• Blog Post: QA or Test - does the name really matter?

    I've been the manager for many different teams. Some call themselves Test and some call themselves QA. Personally, I've found it easier to just use those terms interchangeably. But for many, there are two very distinct schools of thought about what a Test team is and what a QA team is. Maybe at some...
  • Blog Post: No Surprises!

    This is what I aim for in my teams - no surprises. That means my team members do their best to not surprise me and I also aim to not surprise them. Surprises are great when it comes to birthdays at home with family and friends. But in corporate life, there's just no room for surprises. Even something...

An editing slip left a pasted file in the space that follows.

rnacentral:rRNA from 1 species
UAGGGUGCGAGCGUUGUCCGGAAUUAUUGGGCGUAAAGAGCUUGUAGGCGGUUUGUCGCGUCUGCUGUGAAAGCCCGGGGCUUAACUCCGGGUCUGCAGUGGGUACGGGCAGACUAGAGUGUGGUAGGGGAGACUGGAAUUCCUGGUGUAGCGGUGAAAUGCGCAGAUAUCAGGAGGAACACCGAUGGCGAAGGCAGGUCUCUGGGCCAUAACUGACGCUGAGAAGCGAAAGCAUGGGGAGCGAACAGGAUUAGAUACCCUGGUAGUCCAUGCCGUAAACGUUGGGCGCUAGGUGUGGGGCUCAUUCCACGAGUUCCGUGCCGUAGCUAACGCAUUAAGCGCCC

• Blog Post: There's No Room For Watermelons

    I have noticed a problem lately that needs some focus. I heard a statement that sums it up nicely. "Don't be green on the outside and red on the inside." Now if this was a joke (What's green on the outside and red on the inside?") I can think of a few answers like a frog, an alien (of course, maybe they...
  • Blog Post: Crawl, Walk, Run

    Babies figure out how to do it right – how to make progress and get to an end result. I think we can learn something from them! If you stood a baby up and expected them to walk, you’ll realize they are not equipped to do this. They don’t have the skills in their legs to move that way...
  • Blog Post: Tribal Knowledge and Engineering Don't Mix